How Honeybees Keep you Well Fed
I’ve recently become a beekeeper. Although it was an opportunity that was offered to me and not an intentional decision to be a friend to a colony, I am enjoying the experience and enjoying gaining loads of knowledge about keeping bees and the importance of bees in food production.
I came across this article about the bold move Whole Foods is taking to create awareness about the decline in honeybees and how they’re helping to preserve an important invertebrate: Whole Foods buzzing about bees | Canadian Grocer.
I was a bit ignorant to the necessity of bees in nature before I took up beekeeping. I had heard who this integral pollinators were disappearing at somewhat alarming rates, but I have to admit that I didn’t really take notice until I started researching the art of beekeeping.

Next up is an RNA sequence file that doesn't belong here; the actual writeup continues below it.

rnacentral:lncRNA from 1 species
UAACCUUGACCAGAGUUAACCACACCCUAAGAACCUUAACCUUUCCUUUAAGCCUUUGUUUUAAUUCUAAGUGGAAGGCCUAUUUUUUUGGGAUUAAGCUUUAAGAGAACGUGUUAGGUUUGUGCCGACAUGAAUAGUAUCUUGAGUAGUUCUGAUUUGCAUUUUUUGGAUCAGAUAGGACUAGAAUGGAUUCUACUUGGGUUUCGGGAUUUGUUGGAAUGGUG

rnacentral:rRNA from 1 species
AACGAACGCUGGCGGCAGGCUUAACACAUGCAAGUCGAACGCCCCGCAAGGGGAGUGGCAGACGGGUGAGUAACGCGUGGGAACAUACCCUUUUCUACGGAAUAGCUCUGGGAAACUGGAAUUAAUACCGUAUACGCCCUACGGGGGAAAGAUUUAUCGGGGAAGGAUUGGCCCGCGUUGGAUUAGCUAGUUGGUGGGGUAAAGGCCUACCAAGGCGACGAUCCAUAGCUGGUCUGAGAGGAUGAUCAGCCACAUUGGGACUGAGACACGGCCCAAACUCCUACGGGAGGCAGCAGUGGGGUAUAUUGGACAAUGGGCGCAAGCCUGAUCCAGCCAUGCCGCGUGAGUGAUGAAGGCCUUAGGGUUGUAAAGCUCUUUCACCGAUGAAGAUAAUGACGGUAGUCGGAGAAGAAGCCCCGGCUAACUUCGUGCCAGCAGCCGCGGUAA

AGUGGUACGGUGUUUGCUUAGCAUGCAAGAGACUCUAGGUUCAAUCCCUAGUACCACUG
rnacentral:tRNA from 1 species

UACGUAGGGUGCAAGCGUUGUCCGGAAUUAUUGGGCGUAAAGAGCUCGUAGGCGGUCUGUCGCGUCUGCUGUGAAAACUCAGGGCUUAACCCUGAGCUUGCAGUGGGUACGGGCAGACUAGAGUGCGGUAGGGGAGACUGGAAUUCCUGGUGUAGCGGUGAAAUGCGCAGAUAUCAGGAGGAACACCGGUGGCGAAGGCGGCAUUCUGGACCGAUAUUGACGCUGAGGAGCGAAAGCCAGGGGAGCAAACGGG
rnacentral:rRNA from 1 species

Now it’s hard not to be concerned, as I am in danger of losing my whole colony no matter what precautions I take or how ‘perfectly’ I perform my beekeeping duties. Over the winter, they could be all gone, without any definite explanation as to why.
One of the best things that you can do to protect the majority of the produce supply is to start a colony of bees yourself. It takes very little time, especially after the first year when you better equipped with experience. You also get the satisfaction of harvesting your very own honey and saving a valuable species.
You’ll find lots of online resources to help you get started. Here’s one site that describes how to start beekeeping for free that has a wealth of information.
What can you do to help out nature’s pollinators?